Avoid Online Pet Adoption Scams This Holiday Season

Avoid Online Pet Adoption Scams This Holiday Season

A photo of a cute dog used for a pet adoption scam.A photo of a cute dog used for a pet adoption scam.
A photo of a cute dog used for a pet adoption scam.A photo of a cute dog used for a pet adoption scam.

Table of Contents:

  1. What Are Online Pet Adoption Scams?
  2. Spotting Online Pet Adoption Scams
  3. Avoiding Online Pet Adoption Scams
  4. Find a Shelter or Adoption Center Near You

There hasn’t been a lot of good news in 2020. COVID-19 has dominated the headlines while changing daily life for people all over the country. Pets have provided one of the pandemic’s few bright spots. Thousands of dog and cat lovers have brightened up their quarantines by adopting new pets. Unfortunately, the surge in pet adoptions has presented scammers with countless opportunities to take advantage of unsuspecting animal enthusiasts. With the holidays inspiring last-minute purchases, they’re especially active this time of year.

What Are Online Pet Adoption Scams?

More pet adoptions has meant many more instances of pet adoption fraud. In the early days of the pandemic, the Better Business Bureau (BBB) was inundated with complaints from pet lovers. The organization received 371 reports from victims of pet adoption scams in April, more than three times as many as it received in April of 2019. The recent wave of scams is a new phenomenon, but the Better Business Bureau (BBB) reports that fraudulent pet adoption listings have been a growing concern for years. At this point, they’re almost ubiquitous. The BBB estimates that as many as 80% of online pet adoption advertisements are fraudulent. Most successful adoption scams cost dog and cat lovers between $100 and $1000, but many victims lose significantly more.

Most pet adoption scammers are based overseas, with the majority residing in West Africa. Fraudsters create webpages or entire sites, often employing images repurposed from more reputable sources. In most cases, they do not actually own the animal listed.

Once they’ve made contact with a potential buyer, scammers tend to start discussing money as soon as possible. With time, their messages become increasingly urgent and ask for more than one payment. According to Steve Baker, an investigator for the BBB, scammers often claim that extra fees will cover expenses like vaccinations, crates for transportation, or insurance. Especially committed scammers may threaten you with legal action for failure to pay up.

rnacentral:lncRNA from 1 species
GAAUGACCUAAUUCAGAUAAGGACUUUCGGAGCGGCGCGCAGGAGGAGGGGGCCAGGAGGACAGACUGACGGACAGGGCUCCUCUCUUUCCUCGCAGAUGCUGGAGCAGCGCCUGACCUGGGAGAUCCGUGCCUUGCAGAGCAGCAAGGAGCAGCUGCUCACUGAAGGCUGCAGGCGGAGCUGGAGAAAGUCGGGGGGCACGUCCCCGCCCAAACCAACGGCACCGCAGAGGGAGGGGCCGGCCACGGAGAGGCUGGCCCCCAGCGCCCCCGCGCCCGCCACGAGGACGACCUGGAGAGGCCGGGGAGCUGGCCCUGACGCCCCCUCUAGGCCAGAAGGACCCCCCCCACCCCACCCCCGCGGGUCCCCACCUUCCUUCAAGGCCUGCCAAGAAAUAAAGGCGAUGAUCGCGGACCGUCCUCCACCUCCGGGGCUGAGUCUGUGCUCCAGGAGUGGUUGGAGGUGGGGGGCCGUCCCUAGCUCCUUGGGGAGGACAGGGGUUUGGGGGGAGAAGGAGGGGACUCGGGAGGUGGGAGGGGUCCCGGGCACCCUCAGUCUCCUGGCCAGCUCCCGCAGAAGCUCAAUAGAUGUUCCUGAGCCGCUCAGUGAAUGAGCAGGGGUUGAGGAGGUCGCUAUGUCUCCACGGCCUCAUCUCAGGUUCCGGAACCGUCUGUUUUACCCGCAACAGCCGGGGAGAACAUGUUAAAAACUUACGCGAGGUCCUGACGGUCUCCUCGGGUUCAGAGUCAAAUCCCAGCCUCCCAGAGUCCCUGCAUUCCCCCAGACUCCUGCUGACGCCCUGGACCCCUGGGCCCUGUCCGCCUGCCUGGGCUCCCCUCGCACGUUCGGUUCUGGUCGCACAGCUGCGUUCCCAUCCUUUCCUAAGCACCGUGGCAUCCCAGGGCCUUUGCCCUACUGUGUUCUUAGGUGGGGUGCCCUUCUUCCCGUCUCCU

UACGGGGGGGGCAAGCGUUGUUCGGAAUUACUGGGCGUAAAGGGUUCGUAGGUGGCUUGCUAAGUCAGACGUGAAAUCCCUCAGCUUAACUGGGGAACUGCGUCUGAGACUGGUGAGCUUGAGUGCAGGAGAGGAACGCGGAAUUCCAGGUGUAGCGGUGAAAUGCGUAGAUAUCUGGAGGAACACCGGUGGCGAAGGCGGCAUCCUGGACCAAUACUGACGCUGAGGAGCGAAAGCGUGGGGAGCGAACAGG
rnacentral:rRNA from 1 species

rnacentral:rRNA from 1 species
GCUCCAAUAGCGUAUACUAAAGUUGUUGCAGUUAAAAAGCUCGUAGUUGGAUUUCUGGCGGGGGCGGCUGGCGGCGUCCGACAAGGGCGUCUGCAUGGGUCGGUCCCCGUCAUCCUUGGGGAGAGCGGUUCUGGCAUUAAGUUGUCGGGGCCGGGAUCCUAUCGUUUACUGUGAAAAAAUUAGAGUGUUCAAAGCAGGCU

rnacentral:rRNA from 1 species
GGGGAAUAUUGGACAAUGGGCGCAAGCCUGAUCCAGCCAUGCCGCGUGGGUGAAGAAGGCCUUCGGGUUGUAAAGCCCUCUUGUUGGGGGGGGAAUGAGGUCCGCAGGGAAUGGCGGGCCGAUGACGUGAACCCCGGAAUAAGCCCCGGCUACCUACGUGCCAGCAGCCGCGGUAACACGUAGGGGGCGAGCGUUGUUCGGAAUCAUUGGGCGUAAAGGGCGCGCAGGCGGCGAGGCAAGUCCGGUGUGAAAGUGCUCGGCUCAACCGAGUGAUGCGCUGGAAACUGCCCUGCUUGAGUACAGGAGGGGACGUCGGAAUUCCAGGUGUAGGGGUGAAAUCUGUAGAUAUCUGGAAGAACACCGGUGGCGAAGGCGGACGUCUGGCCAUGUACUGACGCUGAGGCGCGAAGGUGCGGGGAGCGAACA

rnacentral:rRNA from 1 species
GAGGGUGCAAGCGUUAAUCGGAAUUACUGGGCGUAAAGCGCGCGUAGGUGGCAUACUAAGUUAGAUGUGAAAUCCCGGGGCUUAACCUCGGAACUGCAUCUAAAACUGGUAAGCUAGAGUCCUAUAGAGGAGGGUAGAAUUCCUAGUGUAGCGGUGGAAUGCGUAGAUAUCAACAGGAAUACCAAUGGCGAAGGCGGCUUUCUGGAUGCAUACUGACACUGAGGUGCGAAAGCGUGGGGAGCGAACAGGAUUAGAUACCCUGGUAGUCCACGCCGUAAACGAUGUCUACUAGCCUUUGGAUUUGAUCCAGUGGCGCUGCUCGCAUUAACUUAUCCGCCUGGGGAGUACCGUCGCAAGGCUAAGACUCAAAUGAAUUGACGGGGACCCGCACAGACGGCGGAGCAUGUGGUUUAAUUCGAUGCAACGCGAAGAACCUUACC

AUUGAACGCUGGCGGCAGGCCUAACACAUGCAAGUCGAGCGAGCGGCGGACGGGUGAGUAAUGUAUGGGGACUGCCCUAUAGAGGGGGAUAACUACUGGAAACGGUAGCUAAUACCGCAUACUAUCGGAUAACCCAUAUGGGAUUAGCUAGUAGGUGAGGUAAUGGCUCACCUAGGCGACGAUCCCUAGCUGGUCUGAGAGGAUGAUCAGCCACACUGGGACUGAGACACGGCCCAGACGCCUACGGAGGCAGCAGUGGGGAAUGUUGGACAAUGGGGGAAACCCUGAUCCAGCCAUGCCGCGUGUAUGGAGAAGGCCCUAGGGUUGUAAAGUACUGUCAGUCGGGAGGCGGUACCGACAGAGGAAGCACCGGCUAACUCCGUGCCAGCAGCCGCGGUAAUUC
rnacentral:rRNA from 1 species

Spotting Online Pet Adoption Scams

Though the nature of pet adoption scams will vary from case to case, the people behind them tend to give themselves away with the same missteps. Here are a few of the most common:

  • “Too Good to Be True” Prices: If you’re looking for a purebred puppy or kitten, be sure to research average costs and keep a close eye on price tags. Many scammers claim to offer popular purebreds at impossible prices. See a price that looks too good to be true? There’s a good chance that it is.
  • Exclusively Online Communication: A foreign phone number would expose fraudsters immediately. That’s why most dog adoption scams are carried out through email and other digital communication. If someone won’t speak to you on the phone, there’s a good chance that they aren’t what they seem.
  • Strange Payment Methods: Scammers want to ensure you can’t get your money back when you get wise to their crimes. They’re likely to request payment via money order or prepaid gift card so that it comes quickly and can’t be easily disputed.

Remember that someone who really wants to help you welcome a pet into your life will never threaten you, intimidate you, or attempt to rush you through the adoption process.

Avoiding Online Pet Adoption Scams

In addition to watching out for the red flags above, the best way to avoid falling victim to a pet adoption scam is to insist on face-to-face interactions. When it comes to payment, steer clear of money orders. It’s simple to dispute fraudulent charges on a credit card statement, but the sum you spend on a money order is much harder to recover.

Find a Shelter or Adoption Center Near You

Social distancing has made bringing home a four-legged family member a little more challenging, but shelters and adoption centers have adapted to continue doing their important work. Many are still taking appointments and changing the lives of dogs, cats, and other animals every day. Whether you’re looking to bring home a pet this year or simply lend a helping hand, check out this guide to pet adoption centers around the nation.

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